IN THE HIGH COURT OF TANZANIA
(DAR ES SALAAM DISTRICT REGISTRY)
AT DAR ES SALAAM
CIVIL CASE NO. 166 OF 2005
ASFS AZANIA SITES AND FIELDS SERVICES LIMITED…………PLAINTIFF
KAHAMA MINING CORPORATION LIMITED..…………………..DEFENDANT
This is an exparte judgment. The Plaintiff, basing on evidence of PW1 (Xanfon Bitala) and four documentary Exhibits – Exhibit A, an agreement between the parties; Exhibit B, an e-mail by one Reeves, the Defendant’s official; Exhibit C, a demand note by the Plaintiff to the Defendant and Exhibit D, a remittance advice by the Defendant sent to the Plaintiff showing amount already paid for services as USD 35,340.15, prays for judgment and Decree against the Defendant as follows:
“(a) A declaration that the termination and/or suspension of the contract for vegetation management services by the defendant on the 3rd day of June, 2005 was premature and unlawful.
An order of specific performance of the contract.
Payment of the sum of USD 14,589.60 being an outstanding payments for the service rendered by the Plaintiff.
An interest of 35% at (c).
Decretal sum of 12% at (c) from the date of decree till full payment.
Refund of the sum of USD 6589.61 being VAT, Excise duty on fuel and Road tax on fuel and back charges unlawfully deducted.
Payment of USD 300,000.00 being general damages for breach of the contract.
Costs of this suit be borne by the defendant.
Any other relief(s) this Honourable court may deem fit and or equitable to grant.�?
Mr. Masaka, Advocate, represented Plaintiff.
The evidence given by the Plaintiff shows that parties had entered a “Contract for Vegetation Management Services�? for the period of 1/11/2003 to 31/12/2005. Among the terms of the contract (as per Exhibit A) was the amount payable monthly, by the Defendant and which was US 5,002. The terms also provided that the contract would terminate automatically at the end of the contractual term. Further to the above, the Defendant could terminate the contract by giving Plaintiff a three months written notice (clause 9.1). At the sametime under clause 9(2) either party could terminate the contract by a written notice to the other if there was any breach of the provisions of the Agreement or if a receiver was appointed in respect of the other party’s property or has voluntarily gone into Administrative-ship agreement or liquidation.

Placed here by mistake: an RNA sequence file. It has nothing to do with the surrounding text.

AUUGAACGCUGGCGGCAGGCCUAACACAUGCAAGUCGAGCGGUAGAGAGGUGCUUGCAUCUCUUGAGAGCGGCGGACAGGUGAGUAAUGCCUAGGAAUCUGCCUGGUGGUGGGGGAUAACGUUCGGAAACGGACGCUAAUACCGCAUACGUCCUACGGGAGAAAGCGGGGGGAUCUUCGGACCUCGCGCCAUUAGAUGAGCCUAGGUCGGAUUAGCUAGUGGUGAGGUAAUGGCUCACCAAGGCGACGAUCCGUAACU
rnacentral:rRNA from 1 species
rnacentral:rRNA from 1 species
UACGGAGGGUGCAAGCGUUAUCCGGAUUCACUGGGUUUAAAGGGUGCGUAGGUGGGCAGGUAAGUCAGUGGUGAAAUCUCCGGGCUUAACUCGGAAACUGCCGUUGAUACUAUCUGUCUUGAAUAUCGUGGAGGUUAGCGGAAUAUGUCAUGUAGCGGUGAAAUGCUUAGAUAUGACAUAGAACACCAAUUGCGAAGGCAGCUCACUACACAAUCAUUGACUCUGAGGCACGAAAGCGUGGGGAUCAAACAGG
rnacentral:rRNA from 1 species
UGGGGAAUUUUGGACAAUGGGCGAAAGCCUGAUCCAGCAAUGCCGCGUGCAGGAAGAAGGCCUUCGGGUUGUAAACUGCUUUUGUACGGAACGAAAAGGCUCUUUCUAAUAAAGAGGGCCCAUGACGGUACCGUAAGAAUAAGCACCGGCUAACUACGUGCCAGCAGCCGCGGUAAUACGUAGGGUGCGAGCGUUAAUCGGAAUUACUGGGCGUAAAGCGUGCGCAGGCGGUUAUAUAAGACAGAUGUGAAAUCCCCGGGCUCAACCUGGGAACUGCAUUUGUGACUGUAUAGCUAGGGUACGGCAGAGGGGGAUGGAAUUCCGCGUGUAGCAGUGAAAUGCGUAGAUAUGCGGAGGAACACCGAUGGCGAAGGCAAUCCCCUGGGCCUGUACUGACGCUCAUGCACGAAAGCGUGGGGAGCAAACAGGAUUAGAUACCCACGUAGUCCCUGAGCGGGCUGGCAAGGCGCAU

PW1 deposed that on 3/6/2005, the Purchase Manager, one Reeves called him into his office, and in the presence of the Senior Environmental Officer, one Juma Malunga, ordered him to hand over all the Defendant’s equipment in his custody by 5.00pm and leave the mining area adding a statement “the contract has stopped�? and that he was not given any reason and that his pleas to be given the same in writing proved furtile. He (PW1) deposed further that he had to act hurriedly, handed over the equipment, called upon his workers to stay cool and that the day following he could only collect his property from the offices he was using under supervision of a security guard armed with a pistol. He subsequently reported to the police, and sent out a demand notice for the outstanding amount for services already rendered amounting to USD 56,817.83 out of which only USD 35,340.13 was paid as per acknowledgement, Exhibit D, leaving a balance of USD 14.589.60.